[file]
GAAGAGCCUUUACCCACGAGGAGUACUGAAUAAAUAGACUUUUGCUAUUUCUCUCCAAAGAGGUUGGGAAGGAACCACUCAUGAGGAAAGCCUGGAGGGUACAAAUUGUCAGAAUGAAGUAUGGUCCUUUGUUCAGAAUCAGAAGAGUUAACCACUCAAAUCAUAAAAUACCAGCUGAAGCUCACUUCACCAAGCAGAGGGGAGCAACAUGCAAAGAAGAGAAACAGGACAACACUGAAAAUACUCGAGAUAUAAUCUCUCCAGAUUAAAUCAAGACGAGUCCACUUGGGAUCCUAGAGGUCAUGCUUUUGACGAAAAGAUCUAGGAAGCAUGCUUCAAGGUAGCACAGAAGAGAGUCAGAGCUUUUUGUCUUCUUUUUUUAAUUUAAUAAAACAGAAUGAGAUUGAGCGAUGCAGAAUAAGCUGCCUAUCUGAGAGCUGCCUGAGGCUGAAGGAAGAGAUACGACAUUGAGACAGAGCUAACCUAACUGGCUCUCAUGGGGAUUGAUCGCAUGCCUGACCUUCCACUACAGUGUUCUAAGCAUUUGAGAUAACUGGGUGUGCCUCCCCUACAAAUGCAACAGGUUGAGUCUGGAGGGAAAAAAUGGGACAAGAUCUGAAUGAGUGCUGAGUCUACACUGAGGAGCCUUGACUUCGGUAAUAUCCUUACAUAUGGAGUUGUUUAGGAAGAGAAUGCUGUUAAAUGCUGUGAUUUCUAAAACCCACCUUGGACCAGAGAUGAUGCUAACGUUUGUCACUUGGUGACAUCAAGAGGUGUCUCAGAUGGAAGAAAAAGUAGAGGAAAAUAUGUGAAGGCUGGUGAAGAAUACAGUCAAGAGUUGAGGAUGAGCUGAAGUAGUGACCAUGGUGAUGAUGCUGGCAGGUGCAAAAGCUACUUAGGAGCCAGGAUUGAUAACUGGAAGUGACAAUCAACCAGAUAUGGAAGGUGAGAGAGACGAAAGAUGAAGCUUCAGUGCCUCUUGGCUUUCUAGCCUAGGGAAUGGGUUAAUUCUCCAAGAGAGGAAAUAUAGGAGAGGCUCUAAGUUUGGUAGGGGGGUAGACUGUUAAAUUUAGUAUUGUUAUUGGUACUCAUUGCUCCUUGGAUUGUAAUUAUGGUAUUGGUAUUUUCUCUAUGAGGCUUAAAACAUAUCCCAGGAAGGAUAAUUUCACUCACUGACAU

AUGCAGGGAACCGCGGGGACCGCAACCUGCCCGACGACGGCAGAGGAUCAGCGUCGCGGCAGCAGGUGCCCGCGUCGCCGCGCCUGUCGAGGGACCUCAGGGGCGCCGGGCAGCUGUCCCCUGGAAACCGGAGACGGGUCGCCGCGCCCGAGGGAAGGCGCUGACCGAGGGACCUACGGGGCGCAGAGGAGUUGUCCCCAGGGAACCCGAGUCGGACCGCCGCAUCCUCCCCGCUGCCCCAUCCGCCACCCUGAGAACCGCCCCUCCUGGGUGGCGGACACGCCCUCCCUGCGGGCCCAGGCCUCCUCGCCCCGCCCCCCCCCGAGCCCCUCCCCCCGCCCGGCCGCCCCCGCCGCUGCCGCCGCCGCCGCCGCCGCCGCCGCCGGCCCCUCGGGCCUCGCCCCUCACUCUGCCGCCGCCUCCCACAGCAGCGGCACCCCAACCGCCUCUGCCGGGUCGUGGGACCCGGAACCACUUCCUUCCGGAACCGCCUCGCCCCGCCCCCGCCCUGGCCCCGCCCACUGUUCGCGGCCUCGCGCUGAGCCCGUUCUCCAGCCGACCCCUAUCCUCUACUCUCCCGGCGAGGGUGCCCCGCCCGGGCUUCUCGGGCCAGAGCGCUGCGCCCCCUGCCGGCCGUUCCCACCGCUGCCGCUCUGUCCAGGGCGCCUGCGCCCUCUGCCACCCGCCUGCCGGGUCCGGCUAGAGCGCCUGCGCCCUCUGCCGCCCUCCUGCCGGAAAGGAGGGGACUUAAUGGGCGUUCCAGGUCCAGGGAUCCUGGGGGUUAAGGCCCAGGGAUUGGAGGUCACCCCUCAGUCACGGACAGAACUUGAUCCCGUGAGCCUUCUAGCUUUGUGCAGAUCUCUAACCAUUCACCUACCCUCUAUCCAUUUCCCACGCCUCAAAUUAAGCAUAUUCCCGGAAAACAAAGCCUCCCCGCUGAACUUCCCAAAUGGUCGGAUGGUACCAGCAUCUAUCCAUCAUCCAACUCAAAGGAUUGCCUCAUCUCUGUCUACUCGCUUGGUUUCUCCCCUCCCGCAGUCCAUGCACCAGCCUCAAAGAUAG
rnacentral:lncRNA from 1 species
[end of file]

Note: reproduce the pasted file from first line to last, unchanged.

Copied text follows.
GAAGAGCCUUUACCCACGAGGAGUACUGAAUAAAUAGACUUUUGCUAUUUCUCUCCAAAGAGGUUGGGAAGGAACCACUCAUGAGGAAAGCCUGGAGGGUACAAAUUGUCAGAAUGAAGUAUGGUCCUUUGUUCAGAAUCAGAAGAGUUAACCACUCAAAUCAUAAAAUACCAGCUGAAGCUCACUUCACCAAGCAGAGGGGAGCAACAUGCAAAGAAGAGAAACAGGACAACACUGAAAAUACUCGAGAUAUAAUCUCUCCAGAUUAAAUCAAGACGAGUCCACUUGGGAUCCUAGAGGUCAUGCUUUUGACGAAAAGAUCUAGGAAGCAUGCUUCAAGGUAGCACAGAAGAGAGUCAGAGCUUUUUGUCUUCUUUUUUUAAUUUAAUAAAACAGAAUGAGAUUGAGCGAUGCAGAAUAAGCUGCCUAUCUGAGAGCUGCCUGAGGCUGAAGGAAGAGAUACGACAUUGAGACAGAGCUAACCUAACUGGCUCUCAUGGGGAUUGAUCGCAUGCCUGACCUUCCACUACAGUGUUCUAAGCAUUUGAGAUAACUGGGUGUGCCUCCCCUACAAAUGCAACAGGUUGAGUCUGGAGGGAAAAAAUGGGACAAGAUCUGAAUGAGUGCUGAGUCUACACUGAGGAGCCUUGACUUCGGUAAUAUCCUUACAUAUGGAGUUGUUUAGGAAGAGAAUGCUGUUAAAUGCUGUGAUUUCUAAAACCCACCUUGGACCAGAGAUGAUGCUAACGUUUGUCACUUGGUGACAUCAAGAGGUGUCUCAGAUGGAAGAAAAAGUAGAGGAAAAUAUGUGAAGGCUGGUGAAGAAUACAGUCAAGAGUUGAGGAUGAGCUGAAGUAGUGACCAUGGUGAUGAUGCUGGCAGGUGCAAAAGCUACUUAGGAGCCAGGAUUGAUAACUGGAAGUGACAAUCAACCAGAUAUGGAAGGUGAGAGAGACGAAAGAUGAAGCUUCAGUGCCUCUUGGCUUUCUAGCCUAGGGAAUGGGUUAAUUCUCCAAGAGAGGAAAUAUAGGAGAGGCUCUAAGUUUGGUAGGGGGGUAGACUGUUAAAUUUAGUAUUGUUAUUGGUACUCAUUGCUCCUUGGAUUGUAAUUAUGGUAUUGGUAUUUUCUCUAUGAGGCUUAAAACAUAUCCCAGGAAGGAUAAUUUCACUCACUGACAU

AUGCAGGGAACCGCGGGGACCGCAACCUGCCCGACGACGGCAGAGGAUCAGCGUCGCGGCAGCAGGUGCCCGCGUCGCCGCGCCUGUCGAGGGACCUCAGGGGCGCCGGGCAGCUGUCCCCUGGAAACCGGAGACGGGUCGCCGCGCCCGAGGGAAGGCGCUGACCGAGGGACCUACGGGGCGCAGAGGAGUUGUCCCCAGGGAACCCGAGUCGGACCGCCGCAUCCUCCCCGCUGCCCCAUCCGCCACCCUGAGAACCGCCCCUCCUGGGUGGCGGACACGCCCUCCCUGCGGGCCCAGGCCUCCUCGCCCCGCCCCCCCCCGAGCCCCUCCCCCCGCCCGGCCGCCCCCGCCGCUGCCGCCGCCGCCGCCGCCGCCGCCGCCGGCCCCUCGGGCCUCGCCCCUCACUCUGCCGCCGCCUCCCACAGCAGCGGCACCCCAACCGCCUCUGCCGGGUCGUGGGACCCGGAACCACUUCCUUCCGGAACCGCCUCGCCCCGCCCCCGCCCUGGCCCCGCCCACUGUUCGCGGCCUCGCGCUGAGCCCGUUCUCCAGCCGACCCCUAUCCUCUACUCUCCCGGCGAGGGUGCCCCGCCCGGGCUUCUCGGGCCAGAGCGCUGCGCCCCCUGCCGGCCGUUCCCACCGCUGCCGCUCUGUCCAGGGCGCCUGCGCCCUCUGCCACCCGCCUGCCGGGUCCGGCUAGAGCGCCUGCGCCCUCUGCCGCCCUCCUGCCGGAAAGGAGGGGACUUAAUGGGCGUUCCAGGUCCAGGGAUCCUGGGGGUUAAGGCCCAGGGAUUGGAGGUCACCCCUCAGUCACGGACAGAACUUGAUCCCGUGAGCCUUCUAGCUUUGUGCAGAUCUCUAACCAUUCACCUACCCUCUAUCCAUUUCCCACGCCUCAAAUUAAGCAUAUUCCCGGAAAACAAAGCCUCCCCGCUGAACUUCCCAAAUGGUCGGAUGGUACCAGCAUCUAUCCAUCAUCCAACUCAAAGGAUUGCCUCAUCUCUGUCUACUCGCUUGGUUUCUCCCCUCCCGCAGUCCAUGCACCAGCCUCAAAGAUAG
rnacentral:lncRNA from 1 species